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The ‘Effect on Trade between the Member States’ Criterion: Is It the Right Criterion by Which the Commission’s Workload Can Be Managed?

DOI https://doi.org/10.21552/estal/2017/2/4

Cees Dekker


On 29 April 2015, the European Commission decided on several notified measures, ruling that in none of those cases State aid was involved because, as the accompanying press release stated, they were unlikely to have a significant effect on trade between Member States. According to the press release, the decisions give additional guidance on how to determine which cases should be assessed by the Commission and which should not, to allow the Commission to focus on cases with a larger impact on the internal market. A couple of decisions in 2016 followed the same line of reasoning. This article discusses the question of how these decisions relate to the Court’s case law and the Commission’s own practice regarding the criterion ‘effect on trade between Member States’ laid down in Article 107(1) TFEU. It will also explore to what extent these decisions give actual clarity on the application of this criterion and if there is a better alternative to reduce the workload of the national authorities and the Commission.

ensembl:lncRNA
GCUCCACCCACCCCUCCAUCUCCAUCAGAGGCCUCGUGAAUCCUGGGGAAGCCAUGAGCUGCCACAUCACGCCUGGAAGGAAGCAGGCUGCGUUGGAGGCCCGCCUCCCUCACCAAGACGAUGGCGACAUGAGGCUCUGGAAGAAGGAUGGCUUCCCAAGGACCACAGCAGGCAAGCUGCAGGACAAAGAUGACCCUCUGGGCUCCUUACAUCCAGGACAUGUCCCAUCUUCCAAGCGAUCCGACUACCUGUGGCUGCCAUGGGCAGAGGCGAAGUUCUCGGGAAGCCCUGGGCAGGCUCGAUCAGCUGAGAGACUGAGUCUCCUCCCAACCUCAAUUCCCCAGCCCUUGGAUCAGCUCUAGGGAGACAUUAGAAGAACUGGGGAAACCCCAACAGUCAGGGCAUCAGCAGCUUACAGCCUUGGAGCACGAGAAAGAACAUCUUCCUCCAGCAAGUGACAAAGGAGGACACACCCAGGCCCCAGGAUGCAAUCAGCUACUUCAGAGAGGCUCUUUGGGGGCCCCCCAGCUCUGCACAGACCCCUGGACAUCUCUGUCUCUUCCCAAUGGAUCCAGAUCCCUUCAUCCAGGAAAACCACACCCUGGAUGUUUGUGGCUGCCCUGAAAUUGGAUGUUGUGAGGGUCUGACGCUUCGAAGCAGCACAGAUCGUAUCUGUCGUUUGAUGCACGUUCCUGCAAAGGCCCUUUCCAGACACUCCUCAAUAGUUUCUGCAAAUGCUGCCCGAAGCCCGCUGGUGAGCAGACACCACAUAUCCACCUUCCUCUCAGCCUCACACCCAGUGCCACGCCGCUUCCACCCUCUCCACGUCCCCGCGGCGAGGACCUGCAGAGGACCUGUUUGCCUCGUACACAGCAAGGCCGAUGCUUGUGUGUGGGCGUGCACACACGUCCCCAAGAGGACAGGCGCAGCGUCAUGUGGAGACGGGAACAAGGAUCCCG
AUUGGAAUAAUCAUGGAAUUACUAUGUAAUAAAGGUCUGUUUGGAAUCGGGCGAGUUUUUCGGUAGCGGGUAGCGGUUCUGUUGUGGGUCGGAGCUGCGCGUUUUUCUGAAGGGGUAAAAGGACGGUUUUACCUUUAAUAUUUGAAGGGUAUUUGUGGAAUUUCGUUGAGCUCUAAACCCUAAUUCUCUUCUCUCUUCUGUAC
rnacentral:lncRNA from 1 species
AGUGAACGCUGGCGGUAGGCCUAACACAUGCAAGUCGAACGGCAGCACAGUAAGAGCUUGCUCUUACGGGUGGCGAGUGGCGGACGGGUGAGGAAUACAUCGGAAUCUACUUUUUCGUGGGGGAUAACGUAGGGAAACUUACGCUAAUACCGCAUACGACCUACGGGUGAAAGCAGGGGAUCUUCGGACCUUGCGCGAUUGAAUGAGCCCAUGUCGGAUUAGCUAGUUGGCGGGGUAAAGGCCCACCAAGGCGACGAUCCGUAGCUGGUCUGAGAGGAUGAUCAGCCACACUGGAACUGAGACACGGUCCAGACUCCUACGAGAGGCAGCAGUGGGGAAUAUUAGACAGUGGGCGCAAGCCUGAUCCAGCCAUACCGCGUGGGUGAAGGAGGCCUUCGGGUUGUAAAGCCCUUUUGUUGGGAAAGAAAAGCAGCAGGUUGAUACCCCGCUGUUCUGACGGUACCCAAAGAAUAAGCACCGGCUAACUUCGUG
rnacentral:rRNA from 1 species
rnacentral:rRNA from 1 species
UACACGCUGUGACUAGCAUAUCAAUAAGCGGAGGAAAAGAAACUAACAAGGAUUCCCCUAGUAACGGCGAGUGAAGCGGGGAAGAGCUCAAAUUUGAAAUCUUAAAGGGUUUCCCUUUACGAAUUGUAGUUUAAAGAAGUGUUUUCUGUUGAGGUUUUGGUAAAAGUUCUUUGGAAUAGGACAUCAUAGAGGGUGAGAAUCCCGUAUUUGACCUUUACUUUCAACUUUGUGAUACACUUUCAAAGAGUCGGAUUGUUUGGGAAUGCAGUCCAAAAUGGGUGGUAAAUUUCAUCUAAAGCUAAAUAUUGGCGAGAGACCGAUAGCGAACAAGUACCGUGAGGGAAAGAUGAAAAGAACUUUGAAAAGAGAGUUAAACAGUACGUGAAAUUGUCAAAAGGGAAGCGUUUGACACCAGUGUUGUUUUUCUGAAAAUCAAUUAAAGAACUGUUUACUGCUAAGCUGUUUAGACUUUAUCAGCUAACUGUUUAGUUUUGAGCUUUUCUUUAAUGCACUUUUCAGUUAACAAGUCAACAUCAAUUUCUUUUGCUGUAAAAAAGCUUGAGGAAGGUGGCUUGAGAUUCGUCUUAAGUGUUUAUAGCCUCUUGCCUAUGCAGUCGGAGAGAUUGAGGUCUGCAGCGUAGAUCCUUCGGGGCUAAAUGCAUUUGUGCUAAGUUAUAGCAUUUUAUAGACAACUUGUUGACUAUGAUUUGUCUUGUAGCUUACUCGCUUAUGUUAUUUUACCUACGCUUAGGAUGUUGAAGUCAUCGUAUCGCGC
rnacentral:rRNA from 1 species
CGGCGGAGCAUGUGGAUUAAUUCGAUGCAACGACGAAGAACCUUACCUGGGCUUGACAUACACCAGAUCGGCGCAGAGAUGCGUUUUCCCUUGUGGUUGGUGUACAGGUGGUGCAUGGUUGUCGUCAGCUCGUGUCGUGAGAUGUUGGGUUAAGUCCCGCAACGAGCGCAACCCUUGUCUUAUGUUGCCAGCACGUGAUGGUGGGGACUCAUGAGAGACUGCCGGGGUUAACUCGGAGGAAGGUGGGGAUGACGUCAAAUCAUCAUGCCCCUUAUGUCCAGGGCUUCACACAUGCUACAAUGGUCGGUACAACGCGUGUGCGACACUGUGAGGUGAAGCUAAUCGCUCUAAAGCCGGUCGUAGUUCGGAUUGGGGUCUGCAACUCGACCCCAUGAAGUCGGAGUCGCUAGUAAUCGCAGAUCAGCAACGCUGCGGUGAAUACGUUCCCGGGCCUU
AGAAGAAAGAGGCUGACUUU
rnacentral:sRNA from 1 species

Keywords: Interstate Trade; De Minimis; Appreciable Effect; Notice on the Notion of State Aid.

Cees Dekker, Attorney-at-law, Partner at Nysingh advocaten-notarissen N.V., Zwolle (The Netherlands). DOI: 10.21552/estal/2017/2/4

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